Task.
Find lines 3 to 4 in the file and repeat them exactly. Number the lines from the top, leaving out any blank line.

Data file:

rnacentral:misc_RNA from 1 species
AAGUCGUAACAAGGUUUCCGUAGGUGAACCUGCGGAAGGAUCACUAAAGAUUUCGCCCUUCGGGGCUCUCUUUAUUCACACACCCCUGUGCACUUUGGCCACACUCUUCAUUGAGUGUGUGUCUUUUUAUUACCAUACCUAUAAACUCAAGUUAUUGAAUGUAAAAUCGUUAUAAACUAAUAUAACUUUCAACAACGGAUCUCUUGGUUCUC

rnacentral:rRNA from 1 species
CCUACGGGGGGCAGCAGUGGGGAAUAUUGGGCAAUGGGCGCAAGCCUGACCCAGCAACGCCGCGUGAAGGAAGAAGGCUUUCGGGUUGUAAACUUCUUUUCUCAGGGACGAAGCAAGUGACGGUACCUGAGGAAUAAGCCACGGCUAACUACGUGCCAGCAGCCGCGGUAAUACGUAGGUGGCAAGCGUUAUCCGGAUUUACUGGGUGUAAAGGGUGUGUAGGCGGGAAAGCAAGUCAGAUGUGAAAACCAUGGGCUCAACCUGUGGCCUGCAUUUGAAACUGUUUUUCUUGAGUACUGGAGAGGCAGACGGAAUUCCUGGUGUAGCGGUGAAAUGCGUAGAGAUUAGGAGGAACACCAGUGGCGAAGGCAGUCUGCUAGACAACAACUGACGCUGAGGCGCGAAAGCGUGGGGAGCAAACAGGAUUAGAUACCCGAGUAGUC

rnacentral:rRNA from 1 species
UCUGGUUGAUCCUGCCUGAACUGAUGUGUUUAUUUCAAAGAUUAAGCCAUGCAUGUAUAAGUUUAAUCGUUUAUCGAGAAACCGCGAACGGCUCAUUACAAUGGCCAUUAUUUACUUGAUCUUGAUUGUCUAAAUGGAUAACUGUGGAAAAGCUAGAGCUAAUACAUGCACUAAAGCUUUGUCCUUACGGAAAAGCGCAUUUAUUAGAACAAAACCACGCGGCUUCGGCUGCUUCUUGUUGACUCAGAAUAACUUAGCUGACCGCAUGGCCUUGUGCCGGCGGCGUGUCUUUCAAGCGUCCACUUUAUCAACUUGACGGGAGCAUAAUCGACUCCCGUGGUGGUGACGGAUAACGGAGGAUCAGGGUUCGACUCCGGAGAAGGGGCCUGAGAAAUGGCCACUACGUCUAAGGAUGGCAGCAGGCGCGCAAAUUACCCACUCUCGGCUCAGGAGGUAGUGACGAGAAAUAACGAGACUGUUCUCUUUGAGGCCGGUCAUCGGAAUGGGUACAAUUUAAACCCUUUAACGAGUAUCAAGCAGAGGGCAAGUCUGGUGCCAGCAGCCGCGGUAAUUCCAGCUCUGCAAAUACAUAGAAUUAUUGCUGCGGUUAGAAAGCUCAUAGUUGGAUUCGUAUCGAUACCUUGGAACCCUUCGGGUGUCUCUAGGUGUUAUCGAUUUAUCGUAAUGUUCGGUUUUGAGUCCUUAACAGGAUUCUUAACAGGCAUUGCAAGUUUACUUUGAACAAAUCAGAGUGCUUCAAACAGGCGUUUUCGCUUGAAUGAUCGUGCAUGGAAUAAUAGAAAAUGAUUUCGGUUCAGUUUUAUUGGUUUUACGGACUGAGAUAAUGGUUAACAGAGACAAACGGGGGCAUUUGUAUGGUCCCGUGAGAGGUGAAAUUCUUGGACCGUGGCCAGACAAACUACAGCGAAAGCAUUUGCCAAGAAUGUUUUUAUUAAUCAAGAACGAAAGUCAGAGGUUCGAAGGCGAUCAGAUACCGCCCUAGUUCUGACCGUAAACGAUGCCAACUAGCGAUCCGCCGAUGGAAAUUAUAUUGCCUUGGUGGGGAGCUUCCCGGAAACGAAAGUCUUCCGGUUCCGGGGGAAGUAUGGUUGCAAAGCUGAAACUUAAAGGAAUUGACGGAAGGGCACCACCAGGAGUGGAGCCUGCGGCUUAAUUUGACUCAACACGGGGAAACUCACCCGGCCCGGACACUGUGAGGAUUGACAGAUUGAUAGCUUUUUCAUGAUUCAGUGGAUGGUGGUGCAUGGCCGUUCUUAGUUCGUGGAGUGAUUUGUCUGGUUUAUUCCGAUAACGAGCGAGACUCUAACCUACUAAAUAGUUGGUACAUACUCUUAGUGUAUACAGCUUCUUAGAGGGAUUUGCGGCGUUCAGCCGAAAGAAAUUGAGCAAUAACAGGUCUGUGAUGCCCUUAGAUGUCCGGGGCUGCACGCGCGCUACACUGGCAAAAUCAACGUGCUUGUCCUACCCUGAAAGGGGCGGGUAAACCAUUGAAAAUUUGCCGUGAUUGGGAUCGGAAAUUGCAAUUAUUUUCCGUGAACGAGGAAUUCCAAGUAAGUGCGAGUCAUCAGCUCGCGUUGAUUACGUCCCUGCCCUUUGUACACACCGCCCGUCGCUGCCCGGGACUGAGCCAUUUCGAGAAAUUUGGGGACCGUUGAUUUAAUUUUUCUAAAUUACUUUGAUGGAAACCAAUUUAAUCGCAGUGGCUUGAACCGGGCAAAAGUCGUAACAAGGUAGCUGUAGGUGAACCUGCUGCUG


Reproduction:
rnacentral:rRNA from 1 species
CCUACGGGGGGCAGCAGUGGGGAAUAUUGGGCAAUGGGCGCAAGCCUGACCCAGCAACGCCGCGUGAAGGAAGAAGGCUUUCGGGUUGUAAACUUCUUUUCUCAGGGACGAAGCAAGUGACGGUACCUGAGGAAUAAGCCACGGCUAACUACGUGCCAGCAGCCGCGGUAAUACGUAGGUGGCAAGCGUUAUCCGGAUUUACUGGGUGUAAAGGGUGUGUAGGCGGGAAAGCAAGUCAGAUGUGAAAACCAUGGGCUCAACCUGUGGCCUGCAUUUGAAACUGUUUUUCUUGAGUACUGGAGAGGCAGACGGAAUUCCUGGUGUAGCGGUGAAAUGCGUAGAGAUUAGGAGGAACACCAGUGGCGAAGGCAGUCUGCUAGACAACAACUGACGCUGAGGCGCGAAAGCGUGGGGAGCAAACAGGAUUAGAUACCCGAGUAGUC